Beyond the ‘train-first’/‘work-first’ dichotomy: How welfare states help or hinder maternal employment

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Since the mid-1990s, welfare states have introduced various ‘activation’ policies designed to promote employment. Most typologies distinguish between a Nordic-style ‘train-first’ approach focused on developing jobseekers’ employability and an Anglo-Saxon ‘work-first’ approach that instead emphasises quick job (re-)entry. These typologies tell us what activation means for the unemployed (male) worker. However, by ignoring the family, they overlook what activation means for the (female) parent-worker with childcare responsibilities. To contribute to filling this gap, this article uses fuzzy-set ideal-type analysis to compare 22 countries representing five ‘worlds’ of welfare by how (de-)activating their labour market policies, parental leave provisions, childcare services and the scheduling of primary education are for lone mothers. It reveals that cross-national variations in support for maternal activation are not well captured by the Nordic-style ‘train-first’/Anglo-Saxon ‘work-first’ dichotomy. Hence, despite the greater attention to gender and ‘new social risks’ within comparative social policy scholarship in recent years, the activation literature remains gender-blind.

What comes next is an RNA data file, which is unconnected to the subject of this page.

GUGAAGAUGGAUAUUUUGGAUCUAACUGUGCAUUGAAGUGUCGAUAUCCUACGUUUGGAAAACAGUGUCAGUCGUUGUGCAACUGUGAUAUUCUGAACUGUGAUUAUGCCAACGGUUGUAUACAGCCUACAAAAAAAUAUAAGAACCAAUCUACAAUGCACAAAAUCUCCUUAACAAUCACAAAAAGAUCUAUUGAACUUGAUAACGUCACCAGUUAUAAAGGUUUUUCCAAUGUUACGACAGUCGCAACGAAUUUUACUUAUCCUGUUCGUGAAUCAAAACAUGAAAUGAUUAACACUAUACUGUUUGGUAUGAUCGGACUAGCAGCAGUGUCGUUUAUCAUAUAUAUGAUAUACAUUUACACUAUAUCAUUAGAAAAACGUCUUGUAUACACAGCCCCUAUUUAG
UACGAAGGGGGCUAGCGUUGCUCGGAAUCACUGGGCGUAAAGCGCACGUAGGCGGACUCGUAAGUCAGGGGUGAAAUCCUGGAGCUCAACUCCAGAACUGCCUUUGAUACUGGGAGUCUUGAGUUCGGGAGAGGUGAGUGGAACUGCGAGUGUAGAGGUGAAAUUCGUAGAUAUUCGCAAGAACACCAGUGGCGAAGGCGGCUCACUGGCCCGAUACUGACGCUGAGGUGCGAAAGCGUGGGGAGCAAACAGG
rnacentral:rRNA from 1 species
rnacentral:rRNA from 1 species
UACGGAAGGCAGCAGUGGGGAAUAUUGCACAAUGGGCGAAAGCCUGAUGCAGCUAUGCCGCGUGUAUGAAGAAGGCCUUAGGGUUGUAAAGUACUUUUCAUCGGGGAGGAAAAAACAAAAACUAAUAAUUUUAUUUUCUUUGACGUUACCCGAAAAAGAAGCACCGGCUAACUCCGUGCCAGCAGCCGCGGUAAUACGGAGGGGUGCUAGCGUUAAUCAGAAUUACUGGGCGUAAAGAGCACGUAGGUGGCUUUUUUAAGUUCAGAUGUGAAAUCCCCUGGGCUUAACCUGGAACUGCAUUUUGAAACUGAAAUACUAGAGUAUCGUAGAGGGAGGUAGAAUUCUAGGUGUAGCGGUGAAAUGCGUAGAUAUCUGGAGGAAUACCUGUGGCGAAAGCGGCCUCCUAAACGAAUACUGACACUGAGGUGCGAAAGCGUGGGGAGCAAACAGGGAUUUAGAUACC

Original languageEnglish
Pages (from-to)3-24
JournalJournal of European Social Policy
Issue number1
Publication statusPublished - 1 Feb 2017


  • active labour market policies
  • Childcare
  • lone parents
  • mothers' employment
  • typologies

ASJC Scopus subject areas

  • Sociology and Political Science
  • Gender Studies


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